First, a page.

Welcome to St. Gianna Women's Homes

We assist women and their families fleeing domestic violence or who are being coerced into having an abortion. Each family is provided a safe and secure environment to deal with the trauma caused by the abuse, become self-sufficient and learn to develop healthy relationships in the future.

  • Who is St. Gianna?
    Who is St. Gianna?

    St. Gianna Beretta Molla was a modern-day physician and mother who sacrificed her life to save her unborn baby. In 1961, Gianna and her husband Pietro were expecting their fourth child. During her fourth pregnancy, Gianna developed a fibrous tumor on her uterus. Wanting to save the life of her unborn baby at all costs, she chose a more risky procedure, the removal of the fibroma. After the operation, complications continued throughout her pregnancy. Gianna was quite clear about her wishes, expressing to her family, “This time it will be a difficult delivery, and they may have to save one or the other -- I want them to save my baby.” On April 21, 1962, Good Friday of that year, Gianna went to the hospital, where her fourth child, Gianna Emanuela, was successfully delivered via Caesarean section. However, Gianna continued to have severe pain, and died of septic peritonitis one week after the birth. Gianna was beatified by Pope John Paul II on April 24, 1994, and canonized as a saint on May 16, 2004. Her husband Pietro and their last child, Gianna, were present at the canonization ceremony. She is the patron saint of mothers and families.

Our Impact

  • Women Helped Last Year

    35

  • Children Helped Last Year

    44

  • Nights of Housing Last Year

    17992

  • Babies Saved From Abortion Since Opening

    34

8 Ways to Prevent Skin Cancer (And Why You Should Try)

Summer is for spending time outside. Whether you’re on the beach, at the park, on a bike, in the garden or at a baseball game you’re exposed to one common thread: the sun. And if you’re one in five people, unfortunately, you could develop skin cancer. More than 3.5 million skin cancers in more than two million people are diagnosed annually (source: SkinCancer.org). A person’s risk for melanoma doubles if he or she has had over five sunburns at any age.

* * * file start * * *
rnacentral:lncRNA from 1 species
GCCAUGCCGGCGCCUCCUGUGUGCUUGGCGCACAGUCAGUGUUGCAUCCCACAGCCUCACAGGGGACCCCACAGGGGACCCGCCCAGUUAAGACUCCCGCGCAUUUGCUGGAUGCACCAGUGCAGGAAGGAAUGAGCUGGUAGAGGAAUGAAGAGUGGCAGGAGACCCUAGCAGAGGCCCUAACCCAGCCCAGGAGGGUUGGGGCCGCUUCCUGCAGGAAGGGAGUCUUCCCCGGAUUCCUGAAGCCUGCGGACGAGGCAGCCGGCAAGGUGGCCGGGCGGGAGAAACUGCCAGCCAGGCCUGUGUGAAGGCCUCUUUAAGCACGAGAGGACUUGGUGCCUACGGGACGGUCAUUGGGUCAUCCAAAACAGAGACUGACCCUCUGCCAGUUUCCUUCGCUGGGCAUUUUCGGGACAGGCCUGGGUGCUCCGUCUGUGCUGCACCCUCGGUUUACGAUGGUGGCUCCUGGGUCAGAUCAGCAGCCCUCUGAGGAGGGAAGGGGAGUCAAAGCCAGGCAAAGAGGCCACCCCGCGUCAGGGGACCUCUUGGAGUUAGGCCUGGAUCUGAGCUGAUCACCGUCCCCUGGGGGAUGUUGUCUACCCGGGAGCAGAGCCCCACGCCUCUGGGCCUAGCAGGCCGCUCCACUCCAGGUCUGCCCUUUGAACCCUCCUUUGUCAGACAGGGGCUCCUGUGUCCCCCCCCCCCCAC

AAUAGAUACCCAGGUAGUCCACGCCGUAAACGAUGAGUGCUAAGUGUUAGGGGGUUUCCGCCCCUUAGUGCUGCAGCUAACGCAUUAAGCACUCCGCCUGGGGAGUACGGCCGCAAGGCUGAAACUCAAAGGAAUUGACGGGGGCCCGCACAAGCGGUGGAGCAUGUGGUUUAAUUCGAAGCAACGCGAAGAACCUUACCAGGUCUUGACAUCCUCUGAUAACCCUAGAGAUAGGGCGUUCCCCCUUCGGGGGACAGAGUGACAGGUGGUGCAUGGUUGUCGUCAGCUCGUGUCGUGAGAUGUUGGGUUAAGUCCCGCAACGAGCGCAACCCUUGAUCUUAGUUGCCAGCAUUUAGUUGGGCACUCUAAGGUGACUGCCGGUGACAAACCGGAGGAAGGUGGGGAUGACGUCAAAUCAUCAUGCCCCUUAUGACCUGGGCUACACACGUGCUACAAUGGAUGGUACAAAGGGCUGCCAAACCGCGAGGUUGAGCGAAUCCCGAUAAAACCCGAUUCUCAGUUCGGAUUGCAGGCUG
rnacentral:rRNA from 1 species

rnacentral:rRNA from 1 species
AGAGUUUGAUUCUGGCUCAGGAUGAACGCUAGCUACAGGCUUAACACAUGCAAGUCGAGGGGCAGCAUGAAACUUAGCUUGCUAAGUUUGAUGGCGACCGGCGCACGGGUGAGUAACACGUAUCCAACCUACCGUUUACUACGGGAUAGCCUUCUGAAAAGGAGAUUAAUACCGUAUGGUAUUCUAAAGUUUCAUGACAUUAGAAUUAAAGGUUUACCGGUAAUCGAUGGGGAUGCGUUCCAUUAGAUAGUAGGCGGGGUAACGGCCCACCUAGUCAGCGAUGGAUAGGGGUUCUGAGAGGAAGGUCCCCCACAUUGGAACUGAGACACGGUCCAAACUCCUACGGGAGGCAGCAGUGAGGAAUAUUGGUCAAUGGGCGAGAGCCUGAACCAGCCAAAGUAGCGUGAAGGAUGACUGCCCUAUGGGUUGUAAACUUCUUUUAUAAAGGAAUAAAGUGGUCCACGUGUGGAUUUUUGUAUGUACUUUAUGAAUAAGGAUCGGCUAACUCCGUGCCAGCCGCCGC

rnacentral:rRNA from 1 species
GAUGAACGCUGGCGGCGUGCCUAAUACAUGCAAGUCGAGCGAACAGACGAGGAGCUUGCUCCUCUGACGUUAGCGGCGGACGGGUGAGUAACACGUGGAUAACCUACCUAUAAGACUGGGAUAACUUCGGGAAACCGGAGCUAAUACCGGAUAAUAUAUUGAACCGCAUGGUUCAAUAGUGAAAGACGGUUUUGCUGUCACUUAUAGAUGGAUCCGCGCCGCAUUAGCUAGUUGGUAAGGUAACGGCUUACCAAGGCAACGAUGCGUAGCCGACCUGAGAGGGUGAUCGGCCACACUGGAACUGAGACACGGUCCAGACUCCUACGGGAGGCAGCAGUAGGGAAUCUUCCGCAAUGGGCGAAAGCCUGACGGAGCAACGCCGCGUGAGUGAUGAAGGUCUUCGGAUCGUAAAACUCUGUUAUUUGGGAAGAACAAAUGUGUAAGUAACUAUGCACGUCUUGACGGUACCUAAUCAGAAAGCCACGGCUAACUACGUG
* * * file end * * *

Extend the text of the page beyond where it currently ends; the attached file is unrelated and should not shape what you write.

If you haven’t seen the “Dear 16 Year Old Me” YouTube video, we’d highly advise it. It features a number of people ranging in age, ethnicity and gender who’ve all been diagnosed with melanoma. Throughout the video they advise their 16-year-old selves to take preventative measures to avoid cancer and be extra careful.

We’ve compiled a quick list of the 8 best ways to prevent skin cancer. Take a look, tell your friends.

1. Sunscreen: Reapply every two hours. Be weary of commonly missed spots (scalp, back of hands, tops of feet, legs and behind your ears). Try to use broad spectrum sunscreen and use a high SPF.

2. Avoid peak hours (10 a.m. and 4 p.m.): Harmful UV rays are strongest when the sun is directly overhead. Avoid going out at these times if possible.

3. Wear a hat: Get fashionable and toss on a sun hat or baseball cap. A hat with a 2-3 inch brim is ideal. Straw hats are too finely woven to offer any protection—opt for a thicker fabric.

4. Don’t tan: This instruction is very simple: just don’t do it. Go for the spray tan or self-tanning lotion if you must get that shimmery, golden tone.

5. Protect your eyes: Your eyes are susceptible to ocular skin cancer (yes, it’s real). Skip the cheap pair and make sure they block OVA and UVB light.

6. Don’t forget your lips: SPF 30 or higher if you’re going to be out for long periods of time. And remember to reapply after you eat.

7. Check for moles often: People often neglect going to the dermatologist because they assume they’ll notice any cancer forming. Skin cancer often begins forming at a minimally detectable rate. Check early and check often—keep a regular appointment for a mole check with your dermatologist.

8. Remember reflected sunlight: Water, sand, concrete, and even brightly painted white areas can damage your skin. It’s a good rule of thumb to put sunscreen on every day.

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